Published by: eXtasy Books
Author : Valerie J. Long
Word Count :74435
Publication Date :2014-05-29
Series : Lioness' Legacy#9
Heat Level :
- Product Code: 978-1-4874-0239-6
If Jo has learned one thing, it’s that life’s never fair.
Her sister-in-arms’ violent death shook Johanna to the core. Now she needs to regain her strength while old and new enemies get in position around her. She ventures on a trip for leisure and self-discovery and quickly finds herself at war with organized crime. How can she protect those innocents between the lines from paying dearly?
The most dangerous opponents were, due to their weapons’ range, the spear wielders, and due to his obvious professional fighting stance, probably the nunchaku man.
I could reach him and one spear wielder together, so the other would have to wait. Only one thorny mace was in my way.
I blocked his first blow with my left arm, pressed him, and tried a strike at his throat—which he parried with his left. That guy was good!
Nevertheless, he writhed and wheezed when my kick hit his balls. The following blow that drove his nasal bone into the brain was just a formality, but cost me valuable time.
Only at the last moment could I dodge the incoming spear—and had to watch out, as its bearer tried to get me with the barbs when he pulled back, attempting to tear my supporting leg’s skin apart.
I already jumped up though, and still leaning on the dying mace wielder, took the opportunity to kick the spear shaft out of its trajectory and thus attack the spear wielder directly.
He wouldn’t make it that easy for me. He parried well, retreated, and tried to get the spear blade between us again. That alone wouldn’t have been a problem for me, but from the side, a skillfully operated nunchaku swung against me.
Katsumi had already thrown one blackjack down and was attacking the other spear wielder, pressed by two maces. That wasn’t good, either.
I had to dodge the nunchaku and closely approach the spear wielder so that he couldn’t use the tip, and at the same time prevent him from pulling the spear back. There was only one practical way—I grabbed his arm and pulled it forward, turned my back on him, made a hump—and threw him into the nunchaku man.
My Analogy warned me—I ducked downward-sideward and kicked behind, battered my foot into the remaining blackjack-wielder’s solar plexus and thus pushed him backward into a group of tables.
For a short moment, I was free, but my three opponents were far from done.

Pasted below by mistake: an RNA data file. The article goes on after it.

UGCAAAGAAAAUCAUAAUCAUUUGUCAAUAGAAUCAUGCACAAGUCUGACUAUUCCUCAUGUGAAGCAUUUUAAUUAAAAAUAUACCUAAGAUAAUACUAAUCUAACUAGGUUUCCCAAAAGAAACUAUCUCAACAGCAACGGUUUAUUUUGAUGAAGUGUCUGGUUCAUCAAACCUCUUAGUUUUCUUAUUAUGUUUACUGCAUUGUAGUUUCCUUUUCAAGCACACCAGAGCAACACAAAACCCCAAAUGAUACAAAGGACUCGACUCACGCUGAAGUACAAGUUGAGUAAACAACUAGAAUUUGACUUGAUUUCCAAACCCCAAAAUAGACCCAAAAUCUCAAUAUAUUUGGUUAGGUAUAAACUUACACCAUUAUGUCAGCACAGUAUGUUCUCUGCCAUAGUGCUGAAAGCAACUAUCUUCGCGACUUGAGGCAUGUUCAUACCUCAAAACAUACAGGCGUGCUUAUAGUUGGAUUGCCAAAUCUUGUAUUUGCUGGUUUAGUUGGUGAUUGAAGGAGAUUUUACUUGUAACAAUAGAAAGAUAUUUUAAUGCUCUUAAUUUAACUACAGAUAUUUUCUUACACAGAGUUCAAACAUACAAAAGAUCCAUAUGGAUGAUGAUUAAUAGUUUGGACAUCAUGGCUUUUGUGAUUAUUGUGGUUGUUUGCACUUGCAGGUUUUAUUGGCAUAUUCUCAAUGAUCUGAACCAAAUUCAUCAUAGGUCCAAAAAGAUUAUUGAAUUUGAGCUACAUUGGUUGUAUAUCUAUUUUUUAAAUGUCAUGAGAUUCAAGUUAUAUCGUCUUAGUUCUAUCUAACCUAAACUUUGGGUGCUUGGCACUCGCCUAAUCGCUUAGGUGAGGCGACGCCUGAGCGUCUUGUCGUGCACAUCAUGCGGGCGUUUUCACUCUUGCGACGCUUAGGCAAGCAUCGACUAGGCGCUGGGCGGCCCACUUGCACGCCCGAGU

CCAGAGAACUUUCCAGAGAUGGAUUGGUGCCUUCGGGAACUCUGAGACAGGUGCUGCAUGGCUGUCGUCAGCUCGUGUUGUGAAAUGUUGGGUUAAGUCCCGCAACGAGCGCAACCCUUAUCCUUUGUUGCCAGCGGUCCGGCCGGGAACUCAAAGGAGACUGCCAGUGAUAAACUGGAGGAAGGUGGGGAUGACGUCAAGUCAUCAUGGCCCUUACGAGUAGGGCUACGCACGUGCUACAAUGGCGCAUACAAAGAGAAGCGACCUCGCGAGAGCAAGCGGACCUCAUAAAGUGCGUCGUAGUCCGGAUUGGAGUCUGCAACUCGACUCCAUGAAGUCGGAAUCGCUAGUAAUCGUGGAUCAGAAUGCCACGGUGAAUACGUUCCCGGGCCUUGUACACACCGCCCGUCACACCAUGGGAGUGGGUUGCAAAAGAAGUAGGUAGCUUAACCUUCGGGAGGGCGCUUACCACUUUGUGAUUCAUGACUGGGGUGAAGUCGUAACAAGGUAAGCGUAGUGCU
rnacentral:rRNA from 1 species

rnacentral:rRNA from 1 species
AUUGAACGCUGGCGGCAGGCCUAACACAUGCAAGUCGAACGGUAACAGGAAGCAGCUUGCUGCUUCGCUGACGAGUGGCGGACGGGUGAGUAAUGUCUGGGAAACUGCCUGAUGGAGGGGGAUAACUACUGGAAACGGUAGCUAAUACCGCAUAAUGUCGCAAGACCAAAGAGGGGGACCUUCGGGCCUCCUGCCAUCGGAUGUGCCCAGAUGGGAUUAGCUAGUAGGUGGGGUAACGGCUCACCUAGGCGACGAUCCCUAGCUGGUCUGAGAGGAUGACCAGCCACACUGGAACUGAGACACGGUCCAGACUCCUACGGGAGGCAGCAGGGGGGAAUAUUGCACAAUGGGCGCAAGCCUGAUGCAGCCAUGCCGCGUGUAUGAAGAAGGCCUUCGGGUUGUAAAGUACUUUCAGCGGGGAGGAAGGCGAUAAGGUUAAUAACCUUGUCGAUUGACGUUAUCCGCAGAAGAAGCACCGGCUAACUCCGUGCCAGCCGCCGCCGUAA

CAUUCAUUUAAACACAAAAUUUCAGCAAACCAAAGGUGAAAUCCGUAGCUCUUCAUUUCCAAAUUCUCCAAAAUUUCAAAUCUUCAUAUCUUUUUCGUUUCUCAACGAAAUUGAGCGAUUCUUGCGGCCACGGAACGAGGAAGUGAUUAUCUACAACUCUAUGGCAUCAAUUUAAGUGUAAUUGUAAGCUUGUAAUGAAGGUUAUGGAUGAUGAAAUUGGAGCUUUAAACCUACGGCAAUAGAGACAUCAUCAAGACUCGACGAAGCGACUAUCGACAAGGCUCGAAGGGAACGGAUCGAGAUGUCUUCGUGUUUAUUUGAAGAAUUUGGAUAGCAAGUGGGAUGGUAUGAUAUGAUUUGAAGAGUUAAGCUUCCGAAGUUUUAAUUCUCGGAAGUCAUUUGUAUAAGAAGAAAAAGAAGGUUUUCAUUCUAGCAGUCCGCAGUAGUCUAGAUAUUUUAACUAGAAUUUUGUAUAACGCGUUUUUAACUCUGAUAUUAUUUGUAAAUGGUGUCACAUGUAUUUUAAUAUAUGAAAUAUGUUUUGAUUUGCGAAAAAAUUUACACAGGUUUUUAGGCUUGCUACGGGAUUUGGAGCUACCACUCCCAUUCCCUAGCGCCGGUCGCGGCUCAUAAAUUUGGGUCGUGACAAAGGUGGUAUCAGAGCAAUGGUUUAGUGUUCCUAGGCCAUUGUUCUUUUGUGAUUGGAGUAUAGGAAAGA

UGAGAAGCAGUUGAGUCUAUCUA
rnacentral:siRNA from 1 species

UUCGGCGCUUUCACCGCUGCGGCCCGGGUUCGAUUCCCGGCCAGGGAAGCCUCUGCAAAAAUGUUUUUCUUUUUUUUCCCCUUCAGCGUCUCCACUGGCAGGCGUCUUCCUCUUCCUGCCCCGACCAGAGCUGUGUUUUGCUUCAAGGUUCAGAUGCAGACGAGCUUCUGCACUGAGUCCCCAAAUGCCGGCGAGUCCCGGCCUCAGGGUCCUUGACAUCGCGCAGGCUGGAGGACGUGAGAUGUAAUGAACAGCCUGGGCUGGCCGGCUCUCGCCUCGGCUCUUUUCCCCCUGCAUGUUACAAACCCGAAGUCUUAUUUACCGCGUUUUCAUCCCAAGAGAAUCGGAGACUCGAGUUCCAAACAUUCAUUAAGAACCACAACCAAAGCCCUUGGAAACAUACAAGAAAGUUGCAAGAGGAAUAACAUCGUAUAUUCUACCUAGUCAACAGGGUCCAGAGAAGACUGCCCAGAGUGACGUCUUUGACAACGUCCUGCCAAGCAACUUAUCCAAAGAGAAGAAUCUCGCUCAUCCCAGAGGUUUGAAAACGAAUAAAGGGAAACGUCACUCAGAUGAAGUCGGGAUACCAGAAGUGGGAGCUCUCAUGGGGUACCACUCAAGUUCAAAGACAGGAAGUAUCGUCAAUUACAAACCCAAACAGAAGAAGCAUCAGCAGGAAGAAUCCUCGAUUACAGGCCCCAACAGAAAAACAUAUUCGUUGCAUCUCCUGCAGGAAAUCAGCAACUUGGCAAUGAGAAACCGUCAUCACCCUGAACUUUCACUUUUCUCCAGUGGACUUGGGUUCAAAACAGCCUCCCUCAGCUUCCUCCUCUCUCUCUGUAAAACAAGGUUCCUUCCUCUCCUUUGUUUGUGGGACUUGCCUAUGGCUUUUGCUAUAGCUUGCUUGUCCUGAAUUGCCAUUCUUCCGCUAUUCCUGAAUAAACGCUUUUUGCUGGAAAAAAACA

Katsumi fared alike. One of his opponents—a mace wielder—writhed on the floor, but the other three had surrounded him in a semicircle, and his left arm was lightly bleeding from a thorny mace’s hit.
We met back to back in the free area in the room center.
“You’re not finished yet?” I teased him.
“Nor are you.”
“I’m still playing with mine.”
“So am I.”
With the left, I had to parry a spear stab and beat it away—I couldn’t dodge, as then the tip would have pierced Katsumi’s back—and then defend a nunchaku blow. That had to look believable, as normally you could break your arm that way.
I let the nunchaku hit at a very flat angle, so that it could slide off, quickly grabbed after it and tore the nasty weapon away. Surprise!
The loose end swung around and hit the spear shaft exactly where the wielder held it. This time, the weapon caused the desired effect and smashed some finger bones.
Sadly, now I had to allow the blackjack from the other side to land a grazing hit at my left shoulder that normally would have sufficed to numb it for a while.
I writhed—and kicked his leg so forcefully that I could sense his knee joint give in. He went down crying, too.
This left me with the former nunchaku man—if I could count on Katsumi getting along with his opponents.
My last enemy stormed against me and began a quick sequence of strikes which took me an effort to block. Damn, I couldn’t be driven back! I had to risk taking the occasional painful hit to regain the offensive. But as soon as I began to serve my opponent a few blows, he retreated a few steps, and I couldn’t just follow him if I didn’t want to expose my partner’s back.
That play was repeated three times—meanwhile, I heard Katsumi suppress a moan several times—and then my opponent moved backward with a grin and looked around. His gaze fell on two young girls who clung to each other and squeezed to the rear wall in fear. Oh no!
He seemed to have guessed my thoughts. His evil grin said Oh yes, when he made a few steps toward the girls.
My toes closed around the spear shaft at my feet.
He made the last three steps toward the wall and reached the right arm toward one of the girls. In one floating motion, I tore the spear up, directed it into a wide arc with my arm, and tossed it forward with force.
It always looked so elegant in kung fu movies, when the top villain effortlessly parried spears and arrows away. Perhaps my enemy could have done that, too, if his attention had been focused on the fight and not on his chosen hostage—so the spear entered his skull through one ear and left through the other and nailed his head to the wall.
The two girls cried out in terror.